Add sugar. Stir often until consistency thickens (15 - 20 mins, or longer, depending on how juicy the fruits are) or until a candy thermometer reaches 220˚F (104˚C), that's the gelling stage.

Fill into sterilized jars and seal with their lids and allow the jars to sit in a hot water bath for 10 mins. Remove and let cool at room temperature until you hear the "pop" of the button on the lid or when you notice the button has gone down. That means it's sealed properly and those jars will keep on the shelves unrefrigerated for months. Those that don't seal properly can be kept in the fridge.

Good with loads of butter on bread/toast or as a marinade for a roast chicken. Wish I had some more of those English Muffins.

PS: A small reminder of the Virtual Potluck Party. All are invited!


  1. Hmmmmm.....Must be nice ya... Great picture Ping. ^_^

  2. I had no idea that oranges were associated with chinese new year. In any case I love orange marmalade and that bright color it has. Yours looks delicious!

  3. Beautiful. I bet it tastes just perfect.

  4. This looks so inviting. I would definitely be happy to have this on my toast or English Muffin in the morning.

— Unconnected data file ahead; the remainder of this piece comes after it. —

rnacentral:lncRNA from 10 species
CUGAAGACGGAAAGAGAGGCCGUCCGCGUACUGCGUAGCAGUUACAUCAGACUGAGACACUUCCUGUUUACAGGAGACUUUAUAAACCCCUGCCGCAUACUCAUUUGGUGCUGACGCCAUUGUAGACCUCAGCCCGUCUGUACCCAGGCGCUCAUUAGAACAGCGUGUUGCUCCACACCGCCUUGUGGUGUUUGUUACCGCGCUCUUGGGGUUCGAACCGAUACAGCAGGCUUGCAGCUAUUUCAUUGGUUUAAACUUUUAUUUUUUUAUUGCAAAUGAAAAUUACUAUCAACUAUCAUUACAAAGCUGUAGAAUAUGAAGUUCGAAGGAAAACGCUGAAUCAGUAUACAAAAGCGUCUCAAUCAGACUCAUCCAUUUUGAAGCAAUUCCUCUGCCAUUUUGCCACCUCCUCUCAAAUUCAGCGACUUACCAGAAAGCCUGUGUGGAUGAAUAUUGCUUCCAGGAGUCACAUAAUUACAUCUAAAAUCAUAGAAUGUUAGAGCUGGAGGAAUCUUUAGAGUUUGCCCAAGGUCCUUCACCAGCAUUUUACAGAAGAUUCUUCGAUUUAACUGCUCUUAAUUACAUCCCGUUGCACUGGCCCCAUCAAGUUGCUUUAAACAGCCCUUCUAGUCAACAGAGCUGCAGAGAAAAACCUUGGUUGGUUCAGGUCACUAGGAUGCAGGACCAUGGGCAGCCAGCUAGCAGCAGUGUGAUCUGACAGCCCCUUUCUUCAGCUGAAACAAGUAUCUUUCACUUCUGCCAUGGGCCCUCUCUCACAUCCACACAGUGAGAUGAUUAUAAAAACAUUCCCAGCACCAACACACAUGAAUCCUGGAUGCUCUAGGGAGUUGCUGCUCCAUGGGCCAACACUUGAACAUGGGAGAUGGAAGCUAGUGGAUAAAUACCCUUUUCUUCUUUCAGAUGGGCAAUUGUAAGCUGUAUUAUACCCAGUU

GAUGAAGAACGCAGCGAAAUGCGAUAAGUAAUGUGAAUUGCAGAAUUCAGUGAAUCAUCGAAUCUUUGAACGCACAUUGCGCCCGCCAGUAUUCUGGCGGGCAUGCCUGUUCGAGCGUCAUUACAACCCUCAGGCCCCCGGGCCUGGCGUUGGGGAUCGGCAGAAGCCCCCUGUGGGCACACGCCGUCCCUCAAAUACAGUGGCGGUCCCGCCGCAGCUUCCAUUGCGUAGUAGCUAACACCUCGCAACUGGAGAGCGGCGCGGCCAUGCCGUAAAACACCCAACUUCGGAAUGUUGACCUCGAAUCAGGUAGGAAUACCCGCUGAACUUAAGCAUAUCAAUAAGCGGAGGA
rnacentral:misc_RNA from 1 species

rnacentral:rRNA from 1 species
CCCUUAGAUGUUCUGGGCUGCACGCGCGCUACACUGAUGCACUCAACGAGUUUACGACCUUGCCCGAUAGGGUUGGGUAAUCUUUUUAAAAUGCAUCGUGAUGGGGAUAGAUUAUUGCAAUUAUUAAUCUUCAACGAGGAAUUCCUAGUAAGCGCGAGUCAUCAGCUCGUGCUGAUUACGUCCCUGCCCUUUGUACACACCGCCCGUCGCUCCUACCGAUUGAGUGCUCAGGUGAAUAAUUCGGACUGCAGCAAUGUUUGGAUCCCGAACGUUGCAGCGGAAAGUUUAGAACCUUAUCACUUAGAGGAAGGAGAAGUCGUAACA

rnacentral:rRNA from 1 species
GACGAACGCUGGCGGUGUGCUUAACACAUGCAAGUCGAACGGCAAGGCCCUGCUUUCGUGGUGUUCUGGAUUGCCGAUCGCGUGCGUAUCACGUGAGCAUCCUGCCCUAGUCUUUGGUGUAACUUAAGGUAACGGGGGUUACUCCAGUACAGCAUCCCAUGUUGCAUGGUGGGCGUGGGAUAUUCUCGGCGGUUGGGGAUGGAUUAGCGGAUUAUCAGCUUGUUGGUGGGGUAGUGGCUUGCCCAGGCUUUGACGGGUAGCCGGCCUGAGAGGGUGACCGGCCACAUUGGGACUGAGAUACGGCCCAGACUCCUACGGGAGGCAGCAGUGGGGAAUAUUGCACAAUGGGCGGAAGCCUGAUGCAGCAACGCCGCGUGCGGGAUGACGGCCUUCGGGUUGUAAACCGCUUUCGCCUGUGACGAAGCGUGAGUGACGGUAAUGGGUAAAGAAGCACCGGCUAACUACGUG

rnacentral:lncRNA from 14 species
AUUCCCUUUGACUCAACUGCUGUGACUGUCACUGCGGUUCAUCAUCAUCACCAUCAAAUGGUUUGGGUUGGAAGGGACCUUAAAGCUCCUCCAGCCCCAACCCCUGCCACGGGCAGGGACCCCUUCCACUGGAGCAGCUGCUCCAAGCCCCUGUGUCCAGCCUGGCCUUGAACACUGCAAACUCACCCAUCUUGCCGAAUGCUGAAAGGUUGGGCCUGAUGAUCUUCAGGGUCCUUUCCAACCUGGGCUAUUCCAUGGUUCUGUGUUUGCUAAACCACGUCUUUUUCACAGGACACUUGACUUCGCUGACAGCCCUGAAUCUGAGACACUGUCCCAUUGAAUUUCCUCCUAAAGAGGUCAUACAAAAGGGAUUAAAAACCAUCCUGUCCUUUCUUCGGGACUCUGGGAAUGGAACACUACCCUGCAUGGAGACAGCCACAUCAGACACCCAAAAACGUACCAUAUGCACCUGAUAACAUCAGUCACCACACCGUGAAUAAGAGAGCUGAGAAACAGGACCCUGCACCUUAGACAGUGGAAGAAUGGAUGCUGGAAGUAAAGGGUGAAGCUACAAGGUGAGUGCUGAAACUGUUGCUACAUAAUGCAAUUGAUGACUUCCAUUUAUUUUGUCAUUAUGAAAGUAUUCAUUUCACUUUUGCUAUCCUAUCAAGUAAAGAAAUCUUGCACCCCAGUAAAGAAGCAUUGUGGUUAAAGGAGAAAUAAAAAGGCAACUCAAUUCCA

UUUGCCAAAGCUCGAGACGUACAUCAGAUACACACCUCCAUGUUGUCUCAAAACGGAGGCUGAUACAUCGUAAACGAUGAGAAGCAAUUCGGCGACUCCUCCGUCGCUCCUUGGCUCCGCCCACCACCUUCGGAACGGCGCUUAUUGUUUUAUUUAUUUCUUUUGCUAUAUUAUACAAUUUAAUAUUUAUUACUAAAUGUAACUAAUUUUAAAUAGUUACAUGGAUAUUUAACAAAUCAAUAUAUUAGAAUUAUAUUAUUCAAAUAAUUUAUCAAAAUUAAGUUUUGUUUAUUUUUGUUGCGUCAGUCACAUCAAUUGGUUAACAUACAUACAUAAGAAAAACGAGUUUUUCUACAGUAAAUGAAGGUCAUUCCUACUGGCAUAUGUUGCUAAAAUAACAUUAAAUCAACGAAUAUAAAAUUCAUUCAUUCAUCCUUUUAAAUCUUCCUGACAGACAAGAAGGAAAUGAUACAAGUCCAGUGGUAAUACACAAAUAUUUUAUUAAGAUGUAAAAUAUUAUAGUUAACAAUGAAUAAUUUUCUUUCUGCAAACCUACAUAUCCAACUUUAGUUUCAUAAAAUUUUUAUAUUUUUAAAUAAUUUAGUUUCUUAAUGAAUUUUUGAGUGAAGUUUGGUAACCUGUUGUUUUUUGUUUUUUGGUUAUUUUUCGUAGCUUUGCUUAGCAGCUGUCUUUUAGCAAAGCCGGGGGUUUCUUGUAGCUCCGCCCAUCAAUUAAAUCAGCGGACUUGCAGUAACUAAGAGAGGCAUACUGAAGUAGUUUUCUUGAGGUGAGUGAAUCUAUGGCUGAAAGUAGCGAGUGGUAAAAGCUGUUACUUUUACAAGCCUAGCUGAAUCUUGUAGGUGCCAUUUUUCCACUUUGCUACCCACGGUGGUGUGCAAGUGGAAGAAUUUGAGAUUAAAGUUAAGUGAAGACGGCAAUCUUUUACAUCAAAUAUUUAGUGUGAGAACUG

5. Thanks, Citra. ♥ Yes, it was very nice.

    Annie: Only the Chinese mandarin oranges are associated with CNY, not the Valencias, Navels , Sunkists, etc. And yes, these seem to give it a much orangy-er color. I love it!

    Briarrose: Don't know about the perfect part :P but I do prefer it to regular marmalade.

    All That's Left Are the Crumbs: Thanks! Why not try it out and do let me know how it turns out.

  6. Looks delicious, Ping. I'm sure Hean would love to try this out. He likes all kinds of marmalade!

  7. Color is really great, and taste im sure is wonderful too. I love orange jams.. :)

  8. Lin: Get him to make it for you. He's always boasting how good a cook he is. ;)

    Medeja: Yes, The color is so vibrant and pretty. That's why I called it "Sunshine in a bottle". :D